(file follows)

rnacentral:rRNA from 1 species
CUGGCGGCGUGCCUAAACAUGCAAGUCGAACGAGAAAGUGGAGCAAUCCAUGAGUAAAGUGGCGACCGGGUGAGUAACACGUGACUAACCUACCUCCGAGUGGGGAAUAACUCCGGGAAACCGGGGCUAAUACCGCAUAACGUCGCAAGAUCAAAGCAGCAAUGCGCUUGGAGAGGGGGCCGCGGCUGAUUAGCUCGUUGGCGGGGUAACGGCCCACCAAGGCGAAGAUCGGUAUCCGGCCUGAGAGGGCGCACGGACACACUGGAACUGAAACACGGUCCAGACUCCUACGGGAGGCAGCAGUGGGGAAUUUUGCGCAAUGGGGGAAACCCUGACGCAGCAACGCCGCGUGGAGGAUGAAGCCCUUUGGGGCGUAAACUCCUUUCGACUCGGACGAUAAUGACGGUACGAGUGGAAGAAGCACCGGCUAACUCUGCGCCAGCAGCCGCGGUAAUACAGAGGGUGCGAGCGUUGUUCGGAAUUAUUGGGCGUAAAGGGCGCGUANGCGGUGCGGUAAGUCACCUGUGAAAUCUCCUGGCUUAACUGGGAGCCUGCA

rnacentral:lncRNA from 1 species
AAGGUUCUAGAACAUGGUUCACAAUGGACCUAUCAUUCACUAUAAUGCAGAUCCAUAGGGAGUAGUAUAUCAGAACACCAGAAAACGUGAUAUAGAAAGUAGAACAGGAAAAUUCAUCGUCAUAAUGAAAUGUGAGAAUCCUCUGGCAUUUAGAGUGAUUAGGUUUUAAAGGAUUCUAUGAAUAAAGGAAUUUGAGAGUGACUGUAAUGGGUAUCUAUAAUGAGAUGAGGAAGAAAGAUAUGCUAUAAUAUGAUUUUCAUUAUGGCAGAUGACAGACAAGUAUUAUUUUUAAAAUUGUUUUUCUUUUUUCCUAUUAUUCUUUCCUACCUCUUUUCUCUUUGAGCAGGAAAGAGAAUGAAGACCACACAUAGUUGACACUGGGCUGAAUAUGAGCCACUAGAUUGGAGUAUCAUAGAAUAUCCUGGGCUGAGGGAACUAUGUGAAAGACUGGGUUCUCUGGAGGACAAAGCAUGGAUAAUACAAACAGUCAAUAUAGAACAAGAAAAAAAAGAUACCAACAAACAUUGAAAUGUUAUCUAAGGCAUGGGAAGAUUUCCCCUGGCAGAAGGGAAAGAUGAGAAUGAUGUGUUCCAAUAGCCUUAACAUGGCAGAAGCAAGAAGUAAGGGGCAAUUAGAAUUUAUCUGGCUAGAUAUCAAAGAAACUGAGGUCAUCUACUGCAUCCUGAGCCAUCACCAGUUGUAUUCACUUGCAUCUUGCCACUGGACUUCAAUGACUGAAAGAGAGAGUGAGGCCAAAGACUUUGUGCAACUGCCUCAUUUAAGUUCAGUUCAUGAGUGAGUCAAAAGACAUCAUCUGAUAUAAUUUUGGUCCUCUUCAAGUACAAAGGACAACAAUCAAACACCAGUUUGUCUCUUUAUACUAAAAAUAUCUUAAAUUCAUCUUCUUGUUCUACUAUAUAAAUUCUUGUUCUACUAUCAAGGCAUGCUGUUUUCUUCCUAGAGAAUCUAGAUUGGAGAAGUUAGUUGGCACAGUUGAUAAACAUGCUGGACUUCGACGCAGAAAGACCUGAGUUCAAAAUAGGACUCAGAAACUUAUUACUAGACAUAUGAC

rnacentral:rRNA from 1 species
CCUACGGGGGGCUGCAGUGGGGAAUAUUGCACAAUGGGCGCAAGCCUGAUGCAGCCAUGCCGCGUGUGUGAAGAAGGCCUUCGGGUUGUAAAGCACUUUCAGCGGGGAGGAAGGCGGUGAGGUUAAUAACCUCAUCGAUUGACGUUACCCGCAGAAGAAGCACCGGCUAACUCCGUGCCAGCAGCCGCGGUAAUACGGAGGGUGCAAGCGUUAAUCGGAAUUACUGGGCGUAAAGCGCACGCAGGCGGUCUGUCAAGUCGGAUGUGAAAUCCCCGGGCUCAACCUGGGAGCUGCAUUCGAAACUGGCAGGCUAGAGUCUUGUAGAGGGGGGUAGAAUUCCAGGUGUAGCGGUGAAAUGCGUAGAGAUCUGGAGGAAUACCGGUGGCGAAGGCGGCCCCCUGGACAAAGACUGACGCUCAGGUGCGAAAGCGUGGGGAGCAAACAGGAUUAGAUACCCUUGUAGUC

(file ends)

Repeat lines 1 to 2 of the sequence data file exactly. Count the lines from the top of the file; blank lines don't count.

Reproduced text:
rnacentral:rRNA from 1 species
CUGGCGGCGUGCCUAAACAUGCAAGUCGAACGAGAAAGUGGAGCAAUCCAUGAGUAAAGUGGCGACCGGGUGAGUAACACGUGACUAACCUACCUCCGAGUGGGGAAUAACUCCGGGAAACCGGGGCUAAUACCGCAUAACGUCGCAAGAUCAAAGCAGCAAUGCGCUUGGAGAGGGGGCCGCGGCUGAUUAGCUCGUUGGCGGGGUAACGGCCCACCAAGGCGAAGAUCGGUAUCCGGCCUGAGAGGGCGCACGGACACACUGGAACUGAAACACGGUCCAGACUCCUACGGGAGGCAGCAGUGGGGAAUUUUGCGCAAUGGGGGAAACCCUGACGCAGCAACGCCGCGUGGAGGAUGAAGCCCUUUGGGGCGUAAACUCCUUUCGACUCGGACGAUAAUGACGGUACGAGUGGAAGAAGCACCGGCUAACUCUGCGCCAGCAGCCGCGGUAAUACAGAGGGUGCGAGCGUUGUUCGGAAUUAUUGGGCGUAAAGGGCGCGUANGCGGUGCGGUAAGUCACCUGUGAAAUCUCCUGGCUUAACUGGGAGCCUGCA